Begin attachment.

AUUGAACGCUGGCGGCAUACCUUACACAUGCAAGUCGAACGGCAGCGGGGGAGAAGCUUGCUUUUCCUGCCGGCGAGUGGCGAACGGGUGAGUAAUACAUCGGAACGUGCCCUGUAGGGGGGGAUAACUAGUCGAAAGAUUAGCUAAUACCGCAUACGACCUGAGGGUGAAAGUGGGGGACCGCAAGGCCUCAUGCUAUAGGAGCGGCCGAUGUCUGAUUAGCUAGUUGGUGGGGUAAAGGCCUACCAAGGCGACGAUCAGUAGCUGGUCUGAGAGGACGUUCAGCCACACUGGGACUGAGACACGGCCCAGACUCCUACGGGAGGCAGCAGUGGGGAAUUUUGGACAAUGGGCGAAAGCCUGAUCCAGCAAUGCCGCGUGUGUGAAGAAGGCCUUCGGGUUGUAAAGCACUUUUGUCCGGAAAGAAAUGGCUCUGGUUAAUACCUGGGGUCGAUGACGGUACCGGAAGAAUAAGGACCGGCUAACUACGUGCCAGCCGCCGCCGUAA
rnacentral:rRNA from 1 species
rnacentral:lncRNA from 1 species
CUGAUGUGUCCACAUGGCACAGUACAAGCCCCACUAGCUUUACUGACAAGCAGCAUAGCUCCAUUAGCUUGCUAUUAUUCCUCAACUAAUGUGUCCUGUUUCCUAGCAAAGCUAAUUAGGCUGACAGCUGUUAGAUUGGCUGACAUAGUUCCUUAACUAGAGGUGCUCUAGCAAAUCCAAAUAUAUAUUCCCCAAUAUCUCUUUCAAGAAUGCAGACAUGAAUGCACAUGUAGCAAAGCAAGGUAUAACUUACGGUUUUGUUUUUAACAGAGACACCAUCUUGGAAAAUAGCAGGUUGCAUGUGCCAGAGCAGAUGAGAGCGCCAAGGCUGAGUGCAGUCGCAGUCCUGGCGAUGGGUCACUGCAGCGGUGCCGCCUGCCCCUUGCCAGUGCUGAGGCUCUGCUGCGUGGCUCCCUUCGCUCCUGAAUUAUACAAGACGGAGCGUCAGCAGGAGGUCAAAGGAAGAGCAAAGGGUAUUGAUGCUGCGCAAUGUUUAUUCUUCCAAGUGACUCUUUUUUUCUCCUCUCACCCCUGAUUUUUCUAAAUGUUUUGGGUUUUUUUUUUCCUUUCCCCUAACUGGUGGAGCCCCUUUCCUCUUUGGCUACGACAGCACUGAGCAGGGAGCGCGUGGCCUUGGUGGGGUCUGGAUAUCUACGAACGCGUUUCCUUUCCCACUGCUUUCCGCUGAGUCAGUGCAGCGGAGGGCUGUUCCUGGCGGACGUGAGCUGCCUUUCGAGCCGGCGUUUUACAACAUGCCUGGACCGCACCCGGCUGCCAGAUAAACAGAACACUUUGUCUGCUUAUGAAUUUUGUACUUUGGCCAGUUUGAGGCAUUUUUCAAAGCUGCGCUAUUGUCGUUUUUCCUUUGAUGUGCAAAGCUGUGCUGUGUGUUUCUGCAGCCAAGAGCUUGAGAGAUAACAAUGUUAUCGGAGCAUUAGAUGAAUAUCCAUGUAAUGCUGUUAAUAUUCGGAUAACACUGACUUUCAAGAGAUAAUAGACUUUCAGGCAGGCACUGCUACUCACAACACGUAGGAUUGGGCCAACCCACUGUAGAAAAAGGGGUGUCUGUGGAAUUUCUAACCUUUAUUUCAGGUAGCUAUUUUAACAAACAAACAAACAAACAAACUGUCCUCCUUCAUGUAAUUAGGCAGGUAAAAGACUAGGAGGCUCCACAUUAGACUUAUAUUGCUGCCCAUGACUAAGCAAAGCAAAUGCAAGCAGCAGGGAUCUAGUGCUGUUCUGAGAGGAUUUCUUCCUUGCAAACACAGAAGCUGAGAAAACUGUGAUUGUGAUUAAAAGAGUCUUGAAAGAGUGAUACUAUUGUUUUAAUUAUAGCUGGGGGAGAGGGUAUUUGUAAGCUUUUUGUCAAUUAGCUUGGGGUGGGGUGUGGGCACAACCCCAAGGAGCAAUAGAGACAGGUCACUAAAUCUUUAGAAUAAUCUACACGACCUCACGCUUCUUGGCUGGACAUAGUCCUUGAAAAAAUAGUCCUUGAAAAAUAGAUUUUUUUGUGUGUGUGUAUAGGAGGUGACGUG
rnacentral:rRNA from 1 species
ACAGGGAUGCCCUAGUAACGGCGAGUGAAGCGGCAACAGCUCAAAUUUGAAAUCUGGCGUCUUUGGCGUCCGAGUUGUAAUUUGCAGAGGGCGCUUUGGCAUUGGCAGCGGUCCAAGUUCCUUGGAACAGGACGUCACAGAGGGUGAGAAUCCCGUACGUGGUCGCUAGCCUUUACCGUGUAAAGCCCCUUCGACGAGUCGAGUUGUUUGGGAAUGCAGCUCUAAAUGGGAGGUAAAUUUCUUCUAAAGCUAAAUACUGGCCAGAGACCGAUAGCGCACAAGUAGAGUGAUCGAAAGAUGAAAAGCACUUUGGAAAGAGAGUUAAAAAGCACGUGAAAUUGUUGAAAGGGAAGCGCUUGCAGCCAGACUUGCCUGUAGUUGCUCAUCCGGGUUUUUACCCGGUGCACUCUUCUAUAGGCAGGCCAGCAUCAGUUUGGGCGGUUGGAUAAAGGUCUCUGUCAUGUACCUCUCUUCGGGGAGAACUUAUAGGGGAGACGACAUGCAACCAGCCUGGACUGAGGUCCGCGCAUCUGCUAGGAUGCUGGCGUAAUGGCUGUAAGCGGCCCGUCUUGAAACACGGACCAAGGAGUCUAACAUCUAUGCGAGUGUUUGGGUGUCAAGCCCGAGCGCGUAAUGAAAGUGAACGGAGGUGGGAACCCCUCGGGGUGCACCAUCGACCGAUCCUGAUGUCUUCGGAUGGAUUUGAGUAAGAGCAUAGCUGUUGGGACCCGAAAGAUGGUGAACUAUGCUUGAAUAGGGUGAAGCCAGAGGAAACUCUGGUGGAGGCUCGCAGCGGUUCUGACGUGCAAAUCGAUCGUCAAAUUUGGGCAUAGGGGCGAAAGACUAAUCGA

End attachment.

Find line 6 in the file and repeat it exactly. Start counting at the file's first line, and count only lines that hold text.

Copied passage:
ACAGGGAUGCCCUAGUAACGGCGAGUGAAGCGGCAACAGCUCAAAUUUGAAAUCUGGCGUCUUUGGCGUCCGAGUUGUAAUUUGCAGAGGGCGCUUUGGCAUUGGCAGCGGUCCAAGUUCCUUGGAACAGGACGUCACAGAGGGUGAGAAUCCCGUACGUGGUCGCUAGCCUUUACCGUGUAAAGCCCCUUCGACGAGUCGAGUUGUUUGGGAAUGCAGCUCUAAAUGGGAGGUAAAUUUCUUCUAAAGCUAAAUACUGGCCAGAGACCGAUAGCGCACAAGUAGAGUGAUCGAAAGAUGAAAAGCACUUUGGAAAGAGAGUUAAAAAGCACGUGAAAUUGUUGAAAGGGAAGCGCUUGCAGCCAGACUUGCCUGUAGUUGCUCAUCCGGGUUUUUACCCGGUGCACUCUUCUAUAGGCAGGCCAGCAUCAGUUUGGGCGGUUGGAUAAAGGUCUCUGUCAUGUACCUCUCUUCGGGGAGAACUUAUAGGGGAGACGACAUGCAACCAGCCUGGACUGAGGUCCGCGCAUCUGCUAGGAUGCUGGCGUAAUGGCUGUAAGCGGCCCGUCUUGAAACACGGACCAAGGAGUCUAACAUCUAUGCGAGUGUUUGGGUGUCAAGCCCGAGCGCGUAAUGAAAGUGAACGGAGGUGGGAACCCCUCGGGGUGCACCAUCGACCGAUCCUGAUGUCUUCGGAUGGAUUUGAGUAAGAGCAUAGCUGUUGGGACCCGAAAGAUGGUGAACUAUGCUUGAAUAGGGUGAAGCCAGAGGAAACUCUGGUGGAGGCUCGCAGCGGUUCUGACGUGCAAAUCGAUCGUCAAAUUUGGGCAUAGGGGCGAAAGACUAAUCGA